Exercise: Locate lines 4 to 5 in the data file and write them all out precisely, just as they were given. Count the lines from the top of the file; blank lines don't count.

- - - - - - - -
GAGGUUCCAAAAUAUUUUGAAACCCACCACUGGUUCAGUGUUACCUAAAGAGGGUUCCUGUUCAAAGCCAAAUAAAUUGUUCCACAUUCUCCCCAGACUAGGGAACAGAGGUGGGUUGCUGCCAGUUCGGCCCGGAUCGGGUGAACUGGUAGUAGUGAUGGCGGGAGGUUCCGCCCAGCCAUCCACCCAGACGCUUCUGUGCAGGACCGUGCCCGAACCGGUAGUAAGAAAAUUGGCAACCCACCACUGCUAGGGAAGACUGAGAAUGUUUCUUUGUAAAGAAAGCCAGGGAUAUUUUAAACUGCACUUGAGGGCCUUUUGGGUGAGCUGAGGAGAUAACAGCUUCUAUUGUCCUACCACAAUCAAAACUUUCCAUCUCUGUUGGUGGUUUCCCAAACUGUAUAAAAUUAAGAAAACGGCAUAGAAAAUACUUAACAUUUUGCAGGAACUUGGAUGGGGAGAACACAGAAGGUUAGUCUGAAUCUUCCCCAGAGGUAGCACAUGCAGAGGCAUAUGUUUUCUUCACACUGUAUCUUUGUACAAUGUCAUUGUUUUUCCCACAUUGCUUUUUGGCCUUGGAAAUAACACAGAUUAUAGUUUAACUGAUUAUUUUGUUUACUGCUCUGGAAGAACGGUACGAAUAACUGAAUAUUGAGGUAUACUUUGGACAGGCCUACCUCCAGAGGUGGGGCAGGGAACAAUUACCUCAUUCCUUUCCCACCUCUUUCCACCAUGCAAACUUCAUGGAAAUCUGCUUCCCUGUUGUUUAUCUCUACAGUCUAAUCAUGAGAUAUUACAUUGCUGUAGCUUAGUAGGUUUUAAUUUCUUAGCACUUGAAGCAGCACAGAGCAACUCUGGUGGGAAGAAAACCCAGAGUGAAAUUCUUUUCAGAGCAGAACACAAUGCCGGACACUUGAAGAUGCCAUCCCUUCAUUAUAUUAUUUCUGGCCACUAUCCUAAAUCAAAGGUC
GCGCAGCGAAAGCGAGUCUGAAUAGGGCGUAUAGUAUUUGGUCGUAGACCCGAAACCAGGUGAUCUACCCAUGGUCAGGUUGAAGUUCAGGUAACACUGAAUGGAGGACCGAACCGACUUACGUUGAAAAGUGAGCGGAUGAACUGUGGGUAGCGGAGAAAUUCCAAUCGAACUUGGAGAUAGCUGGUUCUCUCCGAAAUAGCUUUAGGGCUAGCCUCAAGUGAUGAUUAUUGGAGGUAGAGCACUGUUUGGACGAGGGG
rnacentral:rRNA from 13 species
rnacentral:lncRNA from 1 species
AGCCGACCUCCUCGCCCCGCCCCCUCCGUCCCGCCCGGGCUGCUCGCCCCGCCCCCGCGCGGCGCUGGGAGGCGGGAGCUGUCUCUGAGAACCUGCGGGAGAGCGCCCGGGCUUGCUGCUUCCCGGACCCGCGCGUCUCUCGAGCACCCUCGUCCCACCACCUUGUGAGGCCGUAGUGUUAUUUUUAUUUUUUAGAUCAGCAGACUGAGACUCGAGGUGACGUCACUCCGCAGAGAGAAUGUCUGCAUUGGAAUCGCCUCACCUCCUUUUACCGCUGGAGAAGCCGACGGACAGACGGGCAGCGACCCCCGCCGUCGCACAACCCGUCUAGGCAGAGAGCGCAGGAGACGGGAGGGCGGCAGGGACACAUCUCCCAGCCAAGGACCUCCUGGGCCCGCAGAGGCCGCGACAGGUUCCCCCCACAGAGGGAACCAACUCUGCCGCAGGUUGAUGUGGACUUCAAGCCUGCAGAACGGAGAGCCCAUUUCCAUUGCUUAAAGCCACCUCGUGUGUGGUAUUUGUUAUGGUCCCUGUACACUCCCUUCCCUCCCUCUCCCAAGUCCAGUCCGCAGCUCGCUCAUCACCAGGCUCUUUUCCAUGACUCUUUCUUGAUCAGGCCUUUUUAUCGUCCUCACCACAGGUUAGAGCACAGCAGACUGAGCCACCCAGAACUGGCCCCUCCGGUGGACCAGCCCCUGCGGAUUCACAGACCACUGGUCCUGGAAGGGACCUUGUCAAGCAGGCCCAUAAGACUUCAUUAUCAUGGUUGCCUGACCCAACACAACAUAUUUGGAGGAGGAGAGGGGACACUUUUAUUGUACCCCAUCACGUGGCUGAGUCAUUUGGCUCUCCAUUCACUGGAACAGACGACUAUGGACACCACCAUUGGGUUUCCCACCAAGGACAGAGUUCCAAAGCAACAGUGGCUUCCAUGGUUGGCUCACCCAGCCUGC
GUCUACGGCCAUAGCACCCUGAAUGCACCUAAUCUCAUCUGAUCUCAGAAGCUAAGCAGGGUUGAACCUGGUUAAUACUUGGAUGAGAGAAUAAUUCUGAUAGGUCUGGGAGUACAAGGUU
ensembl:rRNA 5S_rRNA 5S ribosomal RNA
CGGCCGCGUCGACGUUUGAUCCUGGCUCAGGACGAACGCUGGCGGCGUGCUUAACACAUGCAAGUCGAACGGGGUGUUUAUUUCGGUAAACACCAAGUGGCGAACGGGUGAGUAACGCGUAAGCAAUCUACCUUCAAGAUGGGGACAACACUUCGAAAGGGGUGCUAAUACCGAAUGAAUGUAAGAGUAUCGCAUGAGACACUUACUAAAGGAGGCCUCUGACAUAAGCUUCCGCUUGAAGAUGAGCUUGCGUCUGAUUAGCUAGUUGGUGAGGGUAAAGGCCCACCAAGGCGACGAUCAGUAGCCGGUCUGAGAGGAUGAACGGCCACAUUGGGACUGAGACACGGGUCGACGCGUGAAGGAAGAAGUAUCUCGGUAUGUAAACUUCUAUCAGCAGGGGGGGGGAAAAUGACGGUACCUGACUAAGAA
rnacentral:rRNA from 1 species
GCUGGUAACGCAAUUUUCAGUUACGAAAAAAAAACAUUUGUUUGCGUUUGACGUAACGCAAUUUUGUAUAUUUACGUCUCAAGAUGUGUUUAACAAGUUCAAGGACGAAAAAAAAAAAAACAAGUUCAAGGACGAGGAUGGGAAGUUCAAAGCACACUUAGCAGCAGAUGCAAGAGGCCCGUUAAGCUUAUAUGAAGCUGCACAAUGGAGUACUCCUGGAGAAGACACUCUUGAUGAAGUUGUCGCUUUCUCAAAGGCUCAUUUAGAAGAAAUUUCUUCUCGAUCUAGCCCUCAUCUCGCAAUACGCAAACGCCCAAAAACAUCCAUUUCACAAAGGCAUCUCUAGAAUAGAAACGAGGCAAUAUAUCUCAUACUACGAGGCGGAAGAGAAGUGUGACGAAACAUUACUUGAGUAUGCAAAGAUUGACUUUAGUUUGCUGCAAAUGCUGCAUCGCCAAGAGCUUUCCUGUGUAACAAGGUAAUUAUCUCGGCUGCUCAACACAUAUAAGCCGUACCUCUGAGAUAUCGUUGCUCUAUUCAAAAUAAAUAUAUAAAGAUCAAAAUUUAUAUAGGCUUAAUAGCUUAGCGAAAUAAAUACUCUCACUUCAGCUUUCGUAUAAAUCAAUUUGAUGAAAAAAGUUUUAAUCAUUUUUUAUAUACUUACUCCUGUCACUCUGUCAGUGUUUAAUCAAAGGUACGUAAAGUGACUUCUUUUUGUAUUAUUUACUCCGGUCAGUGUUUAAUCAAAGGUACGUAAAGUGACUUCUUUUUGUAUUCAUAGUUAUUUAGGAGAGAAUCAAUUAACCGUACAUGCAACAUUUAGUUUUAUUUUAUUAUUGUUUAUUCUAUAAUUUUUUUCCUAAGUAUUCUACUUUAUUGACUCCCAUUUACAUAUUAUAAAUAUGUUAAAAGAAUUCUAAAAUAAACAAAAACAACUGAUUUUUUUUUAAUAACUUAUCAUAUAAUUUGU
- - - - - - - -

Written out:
rnacentral:lncRNA from 1 species
AGCCGACCUCCUCGCCCCGCCCCCUCCGUCCCGCCCGGGCUGCUCGCCCCGCCCCCGCGCGGCGCUGGGAGGCGGGAGCUGUCUCUGAGAACCUGCGGGAGAGCGCCCGGGCUUGCUGCUUCCCGGACCCGCGCGUCUCUCGAGCACCCUCGUCCCACCACCUUGUGAGGCCGUAGUGUUAUUUUUAUUUUUUAGAUCAGCAGACUGAGACUCGAGGUGACGUCACUCCGCAGAGAGAAUGUCUGCAUUGGAAUCGCCUCACCUCCUUUUACCGCUGGAGAAGCCGACGGACAGACGGGCAGCGACCCCCGCCGUCGCACAACCCGUCUAGGCAGAGAGCGCAGGAGACGGGAGGGCGGCAGGGACACAUCUCCCAGCCAAGGACCUCCUGGGCCCGCAGAGGCCGCGACAGGUUCCCCCCACAGAGGGAACCAACUCUGCCGCAGGUUGAUGUGGACUUCAAGCCUGCAGAACGGAGAGCCCAUUUCCAUUGCUUAAAGCCACCUCGUGUGUGGUAUUUGUUAUGGUCCCUGUACACUCCCUUCCCUCCCUCUCCCAAGUCCAGUCCGCAGCUCGCUCAUCACCAGGCUCUUUUCCAUGACUCUUUCUUGAUCAGGCCUUUUUAUCGUCCUCACCACAGGUUAGAGCACAGCAGACUGAGCCACCCAGAACUGGCCCCUCCGGUGGACCAGCCCCUGCGGAUUCACAGACCACUGGUCCUGGAAGGGACCUUGUCAAGCAGGCCCAUAAGACUUCAUUAUCAUGGUUGCCUGACCCAACACAACAUAUUUGGAGGAGGAGAGGGGACACUUUUAUUGUACCCCAUCACGUGGCUGAGUCAUUUGGCUCUCCAUUCACUGGAACAGACGACUAUGGACACCACCAUUGGGUUUCCCACCAAGGACAGAGUUCCAAAGCAACAGUGGCUUCCAUGGUUGGCUCACCCAGCCUGC